JSON Table Schema

Version:1.0-pre3.1
Last Updated:07 September 2013
Created:12 November 2012

This RFC defines a simple schema for tabular data. The schema is designed to be expressible in JSON.

Change History

  • 1.0-pre3.1: breaking changes.
    • label changed to title - see Closer alignment with JSON Schema
    • id changed to name (with slight alteration in semantics - i.e. SHOULD be unique but no longer MUST be unique)

Concepts

A Table consists of a set of rows. Each row has a set of fields (columns). We usually expect that each Row has the same set of fields and thus we can talk about the fields for the table as a whole.

In cases of tables in spreadsheets or CSV files we often interpret the first row as a header row giving the names of the fields. By contrast, in other situations, e.g. tables in SQL databases the fields (columns) are explicitly designated.

To illustrate here’s a classic spreadsheet table:

field     field
  |         |
  |         |
  V         V

 A     |    B    |    C    |    D      <--- Row
 ------------------------------------
 valA  |   valB  |  valC   |   valD    <--- Row
 ...

In JSON a table would be:

[
  { "A": value, "B": value, ... },
  { "A": value, "B": value, ... },
  ...
]

Specification

Top-Level

A JSON Table Schema has the following structure:

{
  # fields is an ordered list of field descriptors
  # one for each field (column) in the table
  "fields": [
    # a field-descriptor
    {
      "name": "name of field (e.g. column name)",
      "title": "A nicer human readable label or title for the field",
      "type": "A string specifying the type",
      "format": "A string specifying a format",
      "description": "A description for the field"
      ...
    },
    ... more field descriptors
  ]
}

That is, a JSON Table Schema is:

  • a Hash which MUST contain a key fields
  • fields MUST be an array where each entry in the array is a field descriptor
  • a field descriptor MUST be a Hash
  • the field descriptor Hash MUST contain a name attribute. This attribute SHOULD correspond to the name of field/column in the data file (if it has a name). As such it SHOULD be unique (though it is possible, but very bad practice, for the data file to have multiple columns with the same name)
  • the field descriptor Hash MAY contain any number of other attributes
  • specific attributes that MAY be included in the Hash and whose meaning is defined in this spec are:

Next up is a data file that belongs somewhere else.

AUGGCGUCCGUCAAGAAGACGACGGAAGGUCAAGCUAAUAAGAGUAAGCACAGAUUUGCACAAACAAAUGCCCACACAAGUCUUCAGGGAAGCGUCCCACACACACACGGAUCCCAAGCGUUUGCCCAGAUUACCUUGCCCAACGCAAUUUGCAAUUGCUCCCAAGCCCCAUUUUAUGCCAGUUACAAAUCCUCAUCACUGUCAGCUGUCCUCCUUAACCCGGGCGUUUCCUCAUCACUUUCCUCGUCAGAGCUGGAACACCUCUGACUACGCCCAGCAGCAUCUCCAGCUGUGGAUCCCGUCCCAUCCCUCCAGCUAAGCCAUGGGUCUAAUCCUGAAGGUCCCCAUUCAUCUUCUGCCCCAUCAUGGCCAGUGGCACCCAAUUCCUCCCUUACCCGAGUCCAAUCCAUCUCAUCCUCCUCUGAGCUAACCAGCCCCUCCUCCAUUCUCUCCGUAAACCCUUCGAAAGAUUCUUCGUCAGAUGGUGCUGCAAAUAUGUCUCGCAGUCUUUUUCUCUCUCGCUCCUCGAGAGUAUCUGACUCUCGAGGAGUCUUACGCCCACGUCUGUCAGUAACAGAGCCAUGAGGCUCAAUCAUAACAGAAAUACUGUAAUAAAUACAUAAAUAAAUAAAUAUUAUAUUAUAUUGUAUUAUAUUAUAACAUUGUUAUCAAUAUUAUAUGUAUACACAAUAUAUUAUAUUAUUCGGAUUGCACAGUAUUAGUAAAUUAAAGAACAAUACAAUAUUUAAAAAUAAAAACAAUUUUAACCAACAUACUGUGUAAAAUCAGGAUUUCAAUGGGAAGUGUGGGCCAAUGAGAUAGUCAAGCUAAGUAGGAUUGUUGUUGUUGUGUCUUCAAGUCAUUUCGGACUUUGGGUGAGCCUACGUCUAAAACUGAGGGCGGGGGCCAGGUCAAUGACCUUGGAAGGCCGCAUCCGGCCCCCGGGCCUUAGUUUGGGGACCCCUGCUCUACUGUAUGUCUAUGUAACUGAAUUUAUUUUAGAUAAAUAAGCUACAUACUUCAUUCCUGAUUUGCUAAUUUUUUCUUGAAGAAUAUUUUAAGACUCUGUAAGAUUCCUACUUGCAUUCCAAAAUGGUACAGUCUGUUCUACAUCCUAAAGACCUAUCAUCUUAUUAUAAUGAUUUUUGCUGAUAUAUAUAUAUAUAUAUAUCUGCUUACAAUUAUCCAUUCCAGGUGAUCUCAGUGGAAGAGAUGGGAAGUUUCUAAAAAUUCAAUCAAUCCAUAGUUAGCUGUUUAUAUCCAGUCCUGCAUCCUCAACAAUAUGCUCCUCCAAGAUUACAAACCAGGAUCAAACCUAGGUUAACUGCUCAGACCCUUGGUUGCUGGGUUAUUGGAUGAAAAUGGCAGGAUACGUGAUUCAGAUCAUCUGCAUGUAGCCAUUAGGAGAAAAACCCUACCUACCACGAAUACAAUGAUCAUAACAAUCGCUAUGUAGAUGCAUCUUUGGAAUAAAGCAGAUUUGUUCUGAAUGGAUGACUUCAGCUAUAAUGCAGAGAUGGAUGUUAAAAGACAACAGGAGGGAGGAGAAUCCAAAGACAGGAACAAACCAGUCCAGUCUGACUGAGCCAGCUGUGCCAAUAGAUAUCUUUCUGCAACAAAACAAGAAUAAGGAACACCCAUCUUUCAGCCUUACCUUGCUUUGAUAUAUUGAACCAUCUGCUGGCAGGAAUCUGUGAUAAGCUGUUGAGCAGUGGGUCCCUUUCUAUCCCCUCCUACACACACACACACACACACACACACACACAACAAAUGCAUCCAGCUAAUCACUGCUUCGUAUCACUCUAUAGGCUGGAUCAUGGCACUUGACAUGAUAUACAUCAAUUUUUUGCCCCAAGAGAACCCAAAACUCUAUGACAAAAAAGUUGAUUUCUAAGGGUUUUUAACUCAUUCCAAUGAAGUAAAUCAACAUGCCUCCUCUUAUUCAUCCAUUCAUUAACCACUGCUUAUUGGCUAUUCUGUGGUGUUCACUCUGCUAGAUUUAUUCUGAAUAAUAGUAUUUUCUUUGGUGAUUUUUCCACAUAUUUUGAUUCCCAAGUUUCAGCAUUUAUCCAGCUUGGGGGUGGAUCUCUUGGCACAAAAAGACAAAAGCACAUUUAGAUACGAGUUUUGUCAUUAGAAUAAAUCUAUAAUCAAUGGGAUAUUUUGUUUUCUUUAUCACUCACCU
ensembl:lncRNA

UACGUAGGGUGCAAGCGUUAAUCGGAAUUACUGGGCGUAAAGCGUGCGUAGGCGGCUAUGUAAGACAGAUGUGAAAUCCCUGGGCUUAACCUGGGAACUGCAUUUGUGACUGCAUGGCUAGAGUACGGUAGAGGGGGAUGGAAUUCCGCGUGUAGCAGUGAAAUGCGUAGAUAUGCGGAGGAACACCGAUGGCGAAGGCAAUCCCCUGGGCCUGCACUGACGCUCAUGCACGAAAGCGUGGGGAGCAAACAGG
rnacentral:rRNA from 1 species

• type: The type of the field (string, number etc) - see below for more detail. If type is not provided a consumer should assume a type of “string”
    • title: A nicer human readable label or title for the field
    • description: A description for this field e.g. “The recipient of the funds”
    • format: A description of the format e.g. “DD.MM.YYYY” for a date. See below for more detail.

Types

The type attribute is a string indicating the type of this field.

Types are based on the type set of json-schema with some additions and minor modifications (cf other type lists include those in Elasticsearch types).

The type list is as follows:

  • string: a string (of arbitrary length)

  • number: a number including floating point numbers.

  • integer: an integer.

  • date: a date. This MUST be in ISO6801 format YYYY-MM-DD or, if not, a format field must be provided describing the structure.

  • time: a time without a date

  • datetime: a date-time. This MUST be in ISO 8601 format of YYYY-MM- DDThh:mm:ssZ in UTC time or, if not, a format field must be provided.

  • boolean: a boolean value (1/0, true/false).

  • binary: base64 representation of binary data.

  • object: (alias json) an JSON-encoded object

  • geopoint: has one of the following structures:

    { lon: ..., lat: ... }
    
    [lon,lat]
    
    "lon, lat"
    
  • geojson: as per <http://geojson.org/>

  • array: an array

  • any: value of field may be any type

Formats

The format field can be used to describe the format, especially for dates. Possible examples are:

# “type”: “date” “format”: “yyyy”

# type=string “format”: “markdown”